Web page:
CFI REPORT Sandra Shallard Once again, the club has embraced the good weather with recording the best month of flying in many years, with the October total being 385 hours! Thanks to all the members and instructors for helping achieve this goal. We hope the weather continues to provide such excellent flying conditions and we look forward to seeing members out at the club now that summer is on its way. With the amount of flying occurring, we are noticing that the aircraft are getting quite dirty, so on the 14th of November, we will be holding a working bee in the afternoon to thoroughly clean and polish the aircraft. We hope to see lots of members out on the day, especially those that fly regularly, to help us clean the fleet in preparation for the summer. These aircraft cleaning working bees will be held every three months to ensure the aircraft are kept in tip top condition. We also ask members to make time available to come and clean aircraft in between these working bees. The start to spring was very wet which meant that the usual locations we would normally hold club competitions resembled more like a wetland, rather than an airfield. Luckily, we managed to arrange holding the competitions at Ardmore and had a great day. The circuit and landing competitions were held on the grass runway, which was closed to for the day to other aircraft and the bombing and life raft competition was held near the threshold of the grass runway. All had a great time and we will be looking to hold further club competitions at Ardmore. Congratulations to all those that won their competition and competed in the Regional competitions at Kaipara Flats and to those who provided such fierce competitions â€“ sometimes there was only one point between the first and second place getters which shows the consistency exhibited by club members. Good luck to those who go on to compete at Nationals at Weston Melton, Canterbury in February next year. Due to the success of the competition day and the interest it aroused from other airfield operations, we will be holding an Ardmore airfield competition day on the 11 th of December. Club members will be able to compete against other operators in a circuit and grid landing competition with the winner receiving a bar tab from the Waitamata bar. Please register your interest at the flight desk. The wings dinner was held on the 16 th of October with past Chief Pilot of Air NZ and current TAIC board member, Bryan Wyness as guest speaker. Congratulations to all those who received certificates and awards on the night. Following Bryanâ€™s speech, which focused on the importance of learning from previous accidents for accident prevention, the club has printed out the TAIC investigation reports from their website. Please feel free to come out to the club to read these reports, which can be found in the TAIC investigation folder in the library. Safe flying, Sandra 6
Maintenance Bits Nathan Johnston It is the season for bird nests! Please make sure you thoroughly inspect the aircraft for signs of bird activity eg bird droppings around the tail or cowling. I pulled a very large nest from on top of FVSâ€™s cylinders that could have been nasty if I had not noticed the bird droppings. With the temperature warming please be aware of how much you prime the aircraft before starting as it is very easy to over prime and this becomes a fire hazard and causes unnecessary wear on the aircrafts electrical system. As a guide if the aircraft has flown in the last hour it will generally not require priming just start with the pump on, over an hour try one to two primes depending on how hot the day is (less if it is a hot day) and two to three primes for the first flight of the day. Our maintenance procedures have been streamlined and computerized so everything you need to know as Pâ€™nâ€™C is much easier to check and very easily accessible via the flight record which is colour coded for your benefit. Please make sure you are aware of how many hours the aircraft has remaining to run before maintenance, if you require any assistance please ask either the desk staff or instructors. We are recording tacho for our maintenance hours for efficiency and ease of monitoring, the expiry hours in the tech log will correlate with the tacho hours in the aircraft. Please double check the hours to run with what you have read on the flight record and when jumping out make sure you record your Tacho and Hobbs times. Safe flying and happy flying everyone! Nathan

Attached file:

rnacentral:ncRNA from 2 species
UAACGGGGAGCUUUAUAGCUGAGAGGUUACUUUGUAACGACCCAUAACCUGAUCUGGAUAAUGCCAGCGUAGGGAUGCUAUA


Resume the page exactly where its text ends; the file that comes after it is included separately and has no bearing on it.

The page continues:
Northland Trip On the 27th April 2010, six aircraft headed to 90 mile beach via Whangerei and Kaitaia. After a briefing from Jim Summerfield at Kaitaia they departed to 90 mile beach. Following a few circuits everone landed and most had a go at a few beach circuits. Then it was back to Ardmore via the Bay of Islands for a full wash down of the aircraft.
Safety Matters Tim Steele Well summer is once again upon us, and aside from some unseasonable stormy days, the amount of flying seems to be increasing steadily. Whilst the better weather is great for flying, it is also important to remember that dehydration can happen a lot quicker. As part of your pre-flight planning, remember to take a bottle of water with you. Other drinks often contain high amounts of sugar and can leave you feeling more thirsty, so water is the best option. Ardmore Airfield. As all of you will know, Ardmore is the busiest airfield in NZ. Combine that with the fact that most of the flying that takes place here is training, it can be a very busy place, with relatively less experienced pilots in the circuit. A reminder to everyone to maintain a very thorough lookout in the circuit. Also recent changes to the procedures around Ardmore (as covered in the Vol 4) have clearly defined arrival and departure routes over Clevedon. Please make sure you have read these and if in doubt, ask one of the team. Changes to maps. New maps will be issued as of the 18th November. If you would like to purchase these through the club, contact the flight desk. Walsh Memorial Flying School. The Walsh Memorial Flying School will be operating at Matamata Aerodrome from the 7th of January 2011 for approximately two weeks. During this time Matamata will become a controlled aerodrome, with intense training activity. Please refer to your latest supplement for information regarding the changes and if you are unsure about procedures there, speak to one of the instructors. A reminder that if you wish to hire an aircraft on any of the Xmas stat days, you will need a sign out before as we are not open on these days. Enjoy the weather and safe and happy flying. Tim Steele